“What if we treated historic districts historically, making the cars accommodate the city, rather than the other way around?”
A Streetsblog Op-Ed from John Massengale:
Gov. Andrew Cuomo and City Council Speaker Corey Johnson called for making New York City streets safer for pedestrians and social distancing while we all stay close to home. Mayor de Blasio responded with a program to open more space for pedestrians on one street per borough.
We can do more. We should use this time when traffic is light to work on ideas for safer, quieter, and more pleasant streets for pedestrians and cyclists now and in the future. During this COVID-19 crisis, we can implement ideas that are great for the long-term health of the city. Specifically, let’s make some of our quiet side-streets primarily for cyclists and walkers.
Quiet Streets (continue reading at Streetsblog)
On November 25, 2019, CNU NYC Chair John Massengale and former Congress for New Urbanism Chair and President John Norquist published an Op-Ed in the New York Daily News. The topic was what to do about the falling-down Brooklyn Queens Expressway and to improve city life in Brooklyn and Manhattan.
The drawing above illustrates this part of the text:
On the Manhattan side of the Brooklyn Bridge, Chambers Street used to go through the Municipal Building to a dense urban neighborhood. Now the gateway to Manhattan is a 24-hour mass of irritated drivers honking at pedestrians trying to get from the subway to City Hall Park. There are enough existing ramps that all the cars could be redirected back towards Water Street and the FDR Drive. That would free up the no-man’s land between Park Street and Centre Street for a great new public space at the foot of the Brooklyn Bridge.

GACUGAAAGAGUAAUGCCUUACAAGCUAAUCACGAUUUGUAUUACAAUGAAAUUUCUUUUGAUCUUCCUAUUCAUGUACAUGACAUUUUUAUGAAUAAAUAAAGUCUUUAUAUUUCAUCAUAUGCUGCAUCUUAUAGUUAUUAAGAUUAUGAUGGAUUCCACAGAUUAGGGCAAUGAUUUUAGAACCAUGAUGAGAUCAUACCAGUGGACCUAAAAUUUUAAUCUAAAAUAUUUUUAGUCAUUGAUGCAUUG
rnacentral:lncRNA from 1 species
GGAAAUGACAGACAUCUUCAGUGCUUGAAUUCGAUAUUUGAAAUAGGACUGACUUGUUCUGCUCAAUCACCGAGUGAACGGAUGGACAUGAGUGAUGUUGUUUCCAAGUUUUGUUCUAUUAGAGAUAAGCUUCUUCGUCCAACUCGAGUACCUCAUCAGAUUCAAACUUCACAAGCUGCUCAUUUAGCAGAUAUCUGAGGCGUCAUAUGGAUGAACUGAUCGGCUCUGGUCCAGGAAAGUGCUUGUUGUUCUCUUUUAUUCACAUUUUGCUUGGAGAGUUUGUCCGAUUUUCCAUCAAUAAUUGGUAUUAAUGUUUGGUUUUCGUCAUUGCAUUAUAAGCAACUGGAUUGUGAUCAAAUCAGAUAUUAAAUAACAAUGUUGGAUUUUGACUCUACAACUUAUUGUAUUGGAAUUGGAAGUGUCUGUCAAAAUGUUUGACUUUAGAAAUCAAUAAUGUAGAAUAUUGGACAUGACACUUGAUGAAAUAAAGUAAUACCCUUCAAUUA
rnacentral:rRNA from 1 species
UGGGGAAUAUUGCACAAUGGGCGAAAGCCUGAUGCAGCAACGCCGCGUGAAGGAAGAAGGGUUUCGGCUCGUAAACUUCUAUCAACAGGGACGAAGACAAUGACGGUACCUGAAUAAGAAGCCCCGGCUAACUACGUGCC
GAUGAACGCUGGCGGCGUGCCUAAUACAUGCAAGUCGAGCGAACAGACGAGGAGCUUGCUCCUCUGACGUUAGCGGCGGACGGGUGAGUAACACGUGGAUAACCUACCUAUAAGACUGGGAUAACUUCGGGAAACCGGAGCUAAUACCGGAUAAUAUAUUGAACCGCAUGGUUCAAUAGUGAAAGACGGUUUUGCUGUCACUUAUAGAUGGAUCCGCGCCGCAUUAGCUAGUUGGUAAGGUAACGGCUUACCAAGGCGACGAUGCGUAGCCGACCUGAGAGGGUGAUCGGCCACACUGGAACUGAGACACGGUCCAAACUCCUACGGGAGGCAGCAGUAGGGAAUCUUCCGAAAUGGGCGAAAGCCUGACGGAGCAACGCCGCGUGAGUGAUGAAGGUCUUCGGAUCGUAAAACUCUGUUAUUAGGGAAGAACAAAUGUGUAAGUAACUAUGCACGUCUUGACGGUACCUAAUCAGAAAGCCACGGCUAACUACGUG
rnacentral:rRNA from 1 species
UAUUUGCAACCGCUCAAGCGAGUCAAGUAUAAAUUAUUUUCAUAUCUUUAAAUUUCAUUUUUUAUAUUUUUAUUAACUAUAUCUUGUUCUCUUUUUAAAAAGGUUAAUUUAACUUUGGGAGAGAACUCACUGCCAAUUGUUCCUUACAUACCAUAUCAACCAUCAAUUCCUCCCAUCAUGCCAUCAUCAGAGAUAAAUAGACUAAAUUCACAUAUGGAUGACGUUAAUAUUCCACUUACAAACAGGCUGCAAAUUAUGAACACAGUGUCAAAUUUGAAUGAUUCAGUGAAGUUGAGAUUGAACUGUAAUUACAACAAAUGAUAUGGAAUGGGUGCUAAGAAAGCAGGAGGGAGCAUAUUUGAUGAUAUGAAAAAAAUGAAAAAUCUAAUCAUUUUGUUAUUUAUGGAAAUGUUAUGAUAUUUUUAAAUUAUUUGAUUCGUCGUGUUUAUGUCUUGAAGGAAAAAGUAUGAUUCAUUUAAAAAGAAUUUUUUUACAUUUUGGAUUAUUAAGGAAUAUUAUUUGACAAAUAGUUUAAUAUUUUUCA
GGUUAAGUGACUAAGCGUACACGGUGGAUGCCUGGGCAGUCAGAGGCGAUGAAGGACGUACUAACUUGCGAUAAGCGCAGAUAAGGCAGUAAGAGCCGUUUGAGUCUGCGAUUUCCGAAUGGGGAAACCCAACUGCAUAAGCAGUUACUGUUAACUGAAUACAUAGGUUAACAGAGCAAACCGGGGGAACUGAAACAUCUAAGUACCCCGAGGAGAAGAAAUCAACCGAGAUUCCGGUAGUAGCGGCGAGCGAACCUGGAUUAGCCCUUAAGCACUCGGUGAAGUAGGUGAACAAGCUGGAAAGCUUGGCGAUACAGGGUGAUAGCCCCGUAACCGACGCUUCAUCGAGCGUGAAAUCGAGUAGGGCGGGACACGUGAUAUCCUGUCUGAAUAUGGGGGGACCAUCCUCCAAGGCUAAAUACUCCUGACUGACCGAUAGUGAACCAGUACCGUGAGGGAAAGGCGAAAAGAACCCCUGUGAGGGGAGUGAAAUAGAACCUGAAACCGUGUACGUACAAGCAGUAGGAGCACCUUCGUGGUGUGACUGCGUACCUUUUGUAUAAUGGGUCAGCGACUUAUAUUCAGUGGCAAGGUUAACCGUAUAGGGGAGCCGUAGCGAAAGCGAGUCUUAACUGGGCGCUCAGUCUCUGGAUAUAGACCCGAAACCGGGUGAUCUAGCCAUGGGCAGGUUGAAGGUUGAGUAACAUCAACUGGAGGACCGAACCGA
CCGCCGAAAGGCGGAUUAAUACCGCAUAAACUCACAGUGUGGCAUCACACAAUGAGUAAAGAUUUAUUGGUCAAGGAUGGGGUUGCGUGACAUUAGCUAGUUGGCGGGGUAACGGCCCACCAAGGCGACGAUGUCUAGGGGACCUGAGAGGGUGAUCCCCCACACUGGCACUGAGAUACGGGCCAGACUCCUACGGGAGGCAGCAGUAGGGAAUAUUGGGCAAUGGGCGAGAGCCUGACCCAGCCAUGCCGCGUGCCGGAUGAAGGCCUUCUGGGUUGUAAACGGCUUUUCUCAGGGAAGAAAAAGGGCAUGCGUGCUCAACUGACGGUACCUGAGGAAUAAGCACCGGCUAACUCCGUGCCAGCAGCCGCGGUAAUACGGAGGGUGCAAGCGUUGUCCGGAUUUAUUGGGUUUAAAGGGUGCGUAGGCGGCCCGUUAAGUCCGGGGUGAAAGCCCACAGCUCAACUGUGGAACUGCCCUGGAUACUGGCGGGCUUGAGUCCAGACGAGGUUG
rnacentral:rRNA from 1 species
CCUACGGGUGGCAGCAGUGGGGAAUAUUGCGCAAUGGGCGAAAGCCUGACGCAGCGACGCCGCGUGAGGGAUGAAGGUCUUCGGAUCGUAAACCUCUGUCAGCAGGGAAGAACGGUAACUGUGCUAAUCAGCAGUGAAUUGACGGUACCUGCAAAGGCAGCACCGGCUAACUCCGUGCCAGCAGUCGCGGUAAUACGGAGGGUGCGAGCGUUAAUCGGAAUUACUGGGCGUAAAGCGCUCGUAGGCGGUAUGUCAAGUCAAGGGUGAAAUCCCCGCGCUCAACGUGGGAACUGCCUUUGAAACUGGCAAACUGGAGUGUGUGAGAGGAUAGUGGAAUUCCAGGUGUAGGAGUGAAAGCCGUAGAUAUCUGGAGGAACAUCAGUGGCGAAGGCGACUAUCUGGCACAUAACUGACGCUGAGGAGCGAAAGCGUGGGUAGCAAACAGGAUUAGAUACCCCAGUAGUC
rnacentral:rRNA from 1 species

John Norquist has decades of experience with highway tear downs. When he was Mayor of Milwaukee, Norquist was one of the first American mayors to tear down a city highway. As Chair and President of the CNU, he started a program called Highways to Boulevards that has worked with states, cities, and Congress. Their 2019 report Cities Without Futures can be downloaded here.
The online version of the Daily News Op-Ed is here, with the title “Buck the BQE: The city should not replace a key stretch of the cantilevered Brooklyn highway.” Twitter replied, “Don’t need no stinkin’ BQE.”
A FRIEND called me today with the sad news that what I once called my favorite street in America is under attack from the island’s own Public Works Department. I don’t know the details, but it’s surprising, because as we wrote in Street Design, Nantucket has a long history of not changing things that work—as their streets do.
Case in point, the beautiful Elm trees on and near Main Street, like the one above.
I gather the problem is handicap access, which is a real problem. But there’s more than one way to do anything, and design is about solving problems with solutions that are both functional and beautiful.
There’s a meeting tomorrow night to discuss the problem. While we wait to hear what that is, here’s a limerick I wrote while visiting Nantucket for Street Design:
There once was a tree on Nantucket,
With none of its roots in a bucket,
“That can’t be,”
Said the state DOT,
But no car has ever yet struck it.
The debate continues over how to make New York City’s streets less crowded, safer and better for people as well as cars. Some, like Gov. Andrew Cuomo, call for congestion pricing in Manhattan, although so far the New York State Legislature has not allowed that. Mayor Bill de Blasio and groups such as Transportation Alternatives promote Vision Zero, aiming for zero traffic deaths in New York City by 2024.